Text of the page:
- Mark Ein is a private investor and entrepreneur who started his career at Goldman Sachs.
- Over the course of his career, he’s done more than $10 billion in deals.
- Ein shared his story and the leadership principles he lives by with Insider.
Having closed over $10 billion in deals in over two decades, Mark Ein knows a lot about effective leadership.
The entrepreneur and private investor has spent his career upending the traditional private-equity model, working on a handful of projects at a time to make million-dollar bets on businesses with potential for long-term growth.
Ein, who invests in three or four projects at a time, doesn’t run the companies he invests in. But he often assumes leadership positions as a chairperson, strategizing with management teams to optimize operations and scale up.
“It’s a unique model. There aren’t that many people who do it,” Ein told Insider. “But I love it because it gives you the satisfaction of being deeply involved in the things you’re building.”
Ein is known for making early bets in mobile telecommunications ahead of the internet boom, investing in proptech, and even anticipating consumer mindsets shifting from materialism to experiential values. It’s reflected in his involvement in companies such as Kastle Systems (a proptech firm known for innovating private security) and Lindblad Expeditions (which brings travelers to adventure destinations in partnership with National Geographic).
Starting out as an analyst at Goldman Sachs — a job he called his “business bootcamp” — Ein went on to work in private equity at The Carlyle Group and later branched out on his own as a private investor in 1999, when he started his original fund, Venturehouse Group. In 2007, he expanded with two additional funds, Capitol Investment and Leland Investments, which have functioned as his primary investment vehicles since.
Drawing on lessons from his early career and utilizing principles that have served him well, Ein has shaped a winning leadership strategy with innovative intention. The entrepreneur, educated at Wharton and Harvard Business School, sat with Insider to share the three key methods he’s employed to strike success as a leader, philanthropist, and private investor.
During his time at Carlyle, Ein realized that he loved to work more closely with companies than the typical private-equity or venture investor.
“In typical private equity or venture, you have a big portfolio, you make a ton of investments, you sit on the board, but you have 10 or 15 portfolio companies,” Ein said. “So you can never get deep in things.”
He wanted to flip that model: “What I realized I wanted to do was roll up my sleeves and help the teams build. I thought if you do that, you can actually make a real difference in what happens to the company. No private-equity firm is set up that way.”
By 1999, he’d made lucrative bets riding the first wave of the internet boom. So he decided to branch out with his own fund, dictating his own strategy. He could invest in companies at any stage, with the common thread being that he and his team would work on just a handful, rather than a dozen at once.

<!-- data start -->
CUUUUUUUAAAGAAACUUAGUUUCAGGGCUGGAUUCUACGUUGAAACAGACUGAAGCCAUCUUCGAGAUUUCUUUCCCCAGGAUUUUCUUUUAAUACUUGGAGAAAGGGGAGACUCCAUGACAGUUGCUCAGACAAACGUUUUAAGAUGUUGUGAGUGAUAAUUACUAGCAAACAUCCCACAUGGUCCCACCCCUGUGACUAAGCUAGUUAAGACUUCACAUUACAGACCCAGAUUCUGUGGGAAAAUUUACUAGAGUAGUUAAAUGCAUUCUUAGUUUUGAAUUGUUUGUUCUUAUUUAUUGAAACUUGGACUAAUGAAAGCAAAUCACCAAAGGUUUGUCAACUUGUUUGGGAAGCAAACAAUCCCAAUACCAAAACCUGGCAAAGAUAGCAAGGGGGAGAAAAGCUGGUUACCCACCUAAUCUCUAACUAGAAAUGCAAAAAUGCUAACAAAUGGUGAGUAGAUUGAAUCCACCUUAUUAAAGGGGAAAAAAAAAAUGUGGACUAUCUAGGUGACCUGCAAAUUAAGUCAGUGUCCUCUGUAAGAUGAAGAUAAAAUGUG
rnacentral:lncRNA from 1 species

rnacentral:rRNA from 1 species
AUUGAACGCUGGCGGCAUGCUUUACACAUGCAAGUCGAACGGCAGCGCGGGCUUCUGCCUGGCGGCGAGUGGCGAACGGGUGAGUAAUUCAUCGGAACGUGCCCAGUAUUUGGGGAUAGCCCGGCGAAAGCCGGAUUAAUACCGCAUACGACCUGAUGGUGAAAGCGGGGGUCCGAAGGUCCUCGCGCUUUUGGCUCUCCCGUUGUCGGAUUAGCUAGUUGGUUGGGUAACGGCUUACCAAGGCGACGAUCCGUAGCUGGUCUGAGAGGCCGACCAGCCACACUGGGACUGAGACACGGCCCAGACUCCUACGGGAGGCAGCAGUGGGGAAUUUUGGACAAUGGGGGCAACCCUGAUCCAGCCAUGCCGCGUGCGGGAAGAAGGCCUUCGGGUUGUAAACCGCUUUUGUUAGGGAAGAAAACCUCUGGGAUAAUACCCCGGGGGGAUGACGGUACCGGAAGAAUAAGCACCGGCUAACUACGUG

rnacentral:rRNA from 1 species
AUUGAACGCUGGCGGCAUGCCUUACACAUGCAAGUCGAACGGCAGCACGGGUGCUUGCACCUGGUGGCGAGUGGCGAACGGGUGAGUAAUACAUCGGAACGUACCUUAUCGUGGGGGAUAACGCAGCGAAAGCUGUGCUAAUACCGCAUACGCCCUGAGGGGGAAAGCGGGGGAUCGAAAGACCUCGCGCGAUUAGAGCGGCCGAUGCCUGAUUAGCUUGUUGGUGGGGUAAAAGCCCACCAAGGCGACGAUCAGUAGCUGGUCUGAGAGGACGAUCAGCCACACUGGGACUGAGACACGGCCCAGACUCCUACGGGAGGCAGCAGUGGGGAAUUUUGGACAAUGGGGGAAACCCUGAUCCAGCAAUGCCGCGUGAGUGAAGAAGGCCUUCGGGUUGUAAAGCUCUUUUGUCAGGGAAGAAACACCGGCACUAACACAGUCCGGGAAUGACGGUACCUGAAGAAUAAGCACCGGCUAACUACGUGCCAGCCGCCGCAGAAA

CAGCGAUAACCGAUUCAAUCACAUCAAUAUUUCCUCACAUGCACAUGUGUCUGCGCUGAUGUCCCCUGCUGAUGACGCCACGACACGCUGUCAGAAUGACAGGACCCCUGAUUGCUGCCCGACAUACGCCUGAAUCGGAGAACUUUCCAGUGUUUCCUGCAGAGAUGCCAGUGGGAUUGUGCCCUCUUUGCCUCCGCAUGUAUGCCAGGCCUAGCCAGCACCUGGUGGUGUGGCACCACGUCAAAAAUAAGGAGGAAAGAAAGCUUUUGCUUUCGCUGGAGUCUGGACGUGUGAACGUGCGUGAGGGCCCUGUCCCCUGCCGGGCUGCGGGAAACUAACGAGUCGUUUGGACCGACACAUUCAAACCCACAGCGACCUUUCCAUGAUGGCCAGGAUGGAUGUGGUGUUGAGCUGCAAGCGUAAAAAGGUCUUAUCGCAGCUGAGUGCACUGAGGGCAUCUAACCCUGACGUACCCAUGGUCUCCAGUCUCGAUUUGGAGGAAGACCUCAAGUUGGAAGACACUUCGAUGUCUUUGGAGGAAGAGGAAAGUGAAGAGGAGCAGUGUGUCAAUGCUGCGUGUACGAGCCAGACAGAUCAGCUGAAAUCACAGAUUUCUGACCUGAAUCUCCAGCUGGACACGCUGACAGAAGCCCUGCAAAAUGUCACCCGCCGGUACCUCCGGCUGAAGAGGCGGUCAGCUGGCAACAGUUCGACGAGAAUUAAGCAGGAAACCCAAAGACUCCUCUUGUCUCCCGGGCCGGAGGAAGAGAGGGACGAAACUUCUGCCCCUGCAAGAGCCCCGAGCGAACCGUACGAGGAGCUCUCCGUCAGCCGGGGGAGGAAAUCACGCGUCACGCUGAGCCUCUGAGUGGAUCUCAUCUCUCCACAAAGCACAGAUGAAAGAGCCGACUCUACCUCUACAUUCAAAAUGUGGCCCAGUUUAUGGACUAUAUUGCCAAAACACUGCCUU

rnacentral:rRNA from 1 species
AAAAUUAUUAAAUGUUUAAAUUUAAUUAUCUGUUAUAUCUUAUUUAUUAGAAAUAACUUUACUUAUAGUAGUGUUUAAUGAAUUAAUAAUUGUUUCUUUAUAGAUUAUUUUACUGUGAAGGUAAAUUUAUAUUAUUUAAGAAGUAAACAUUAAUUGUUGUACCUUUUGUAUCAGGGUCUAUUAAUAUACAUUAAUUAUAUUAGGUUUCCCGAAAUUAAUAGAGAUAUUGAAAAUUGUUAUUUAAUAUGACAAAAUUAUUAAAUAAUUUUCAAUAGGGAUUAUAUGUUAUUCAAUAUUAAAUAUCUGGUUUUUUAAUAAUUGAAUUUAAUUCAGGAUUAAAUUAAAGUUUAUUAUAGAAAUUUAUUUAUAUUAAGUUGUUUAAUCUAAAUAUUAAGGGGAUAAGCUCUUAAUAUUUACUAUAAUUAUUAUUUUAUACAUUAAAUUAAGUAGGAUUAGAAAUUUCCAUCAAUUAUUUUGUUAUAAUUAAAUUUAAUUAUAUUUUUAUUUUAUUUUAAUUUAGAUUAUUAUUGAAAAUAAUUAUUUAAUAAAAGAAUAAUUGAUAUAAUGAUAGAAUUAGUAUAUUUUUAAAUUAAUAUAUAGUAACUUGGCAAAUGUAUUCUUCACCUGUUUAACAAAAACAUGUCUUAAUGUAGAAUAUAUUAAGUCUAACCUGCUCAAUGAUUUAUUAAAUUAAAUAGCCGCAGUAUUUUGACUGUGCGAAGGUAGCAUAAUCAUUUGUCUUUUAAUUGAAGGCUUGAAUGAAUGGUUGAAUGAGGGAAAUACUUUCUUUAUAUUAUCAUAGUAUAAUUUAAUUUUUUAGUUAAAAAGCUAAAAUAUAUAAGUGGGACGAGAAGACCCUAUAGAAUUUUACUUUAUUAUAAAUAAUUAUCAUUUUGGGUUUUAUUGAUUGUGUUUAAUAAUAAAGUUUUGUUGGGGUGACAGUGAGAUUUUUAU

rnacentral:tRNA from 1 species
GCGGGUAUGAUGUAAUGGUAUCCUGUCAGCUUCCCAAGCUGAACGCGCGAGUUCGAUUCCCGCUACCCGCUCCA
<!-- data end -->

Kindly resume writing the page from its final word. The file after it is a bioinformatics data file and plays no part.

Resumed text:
The plan: “To be really close partners with the management teams to help them build really special, world-class companies,” he said. And it worked.
Stay ahead, in sync
Raising capital on his own, Ein quickly learned what it was like to work with large pools of investors.
“When you have a big fund and you have 40 investors, you’re never going to be aligned with all 40,” he said. He added that it only takes a few to make life miserable.
He learned the purpose of alignment, which helped him sharpen his future strategy: He didn’t want to operate primarily with other people’s money. “I don’t want to be whipsawed by sentiment changing,” he said. “If I’m going to work with other people’s money, I want to work with people I feel aligned with.”
What that boils down to is being in sync with partners, employees, and board members to the maximum extent possible, sharing common goals on project timeframes, objectives, and values.
“When you do that, that’s when magic happens,” Ein said. “Because when things don’t go as planned, you don’t start to get people pulling at the seams.”
The extra 20%
Transparency, trust, and thoughtful communication are key principles Ein lives by, but maintaining an ambitious work ethic is at the root of his empire.
His business is his lifestyle, and his typical day runs well into the evening hours, often involving projects — from philanthropy to his acquisition of the Washington City Paper in his native DC.
It’s a lot to juggle, but a mindset rooted in “continuous improvement” is behind it all. Ein demands an elevated level of effort from himself and his team, which enables them to do their best work and seek out the deepest possible understanding of the projects at hand.
“My first years at Goldman Sachs taught me how to be a professional,” he said. “They were maniacal, and I worked 18 hours a day for three straight years, and everything had to be perfect. It was a real unique experience, and it taught me how to do things at the absolute highest level.”
Ein continued: “We try in whatever we’re doing to have that same striving to the absolute highest level. It is all about the details and the difference between getting it generally 80% or 100% right. Greatness happens when you get closer to 100% and you’re pushing everyone on all fronts to get to the highest possible level.”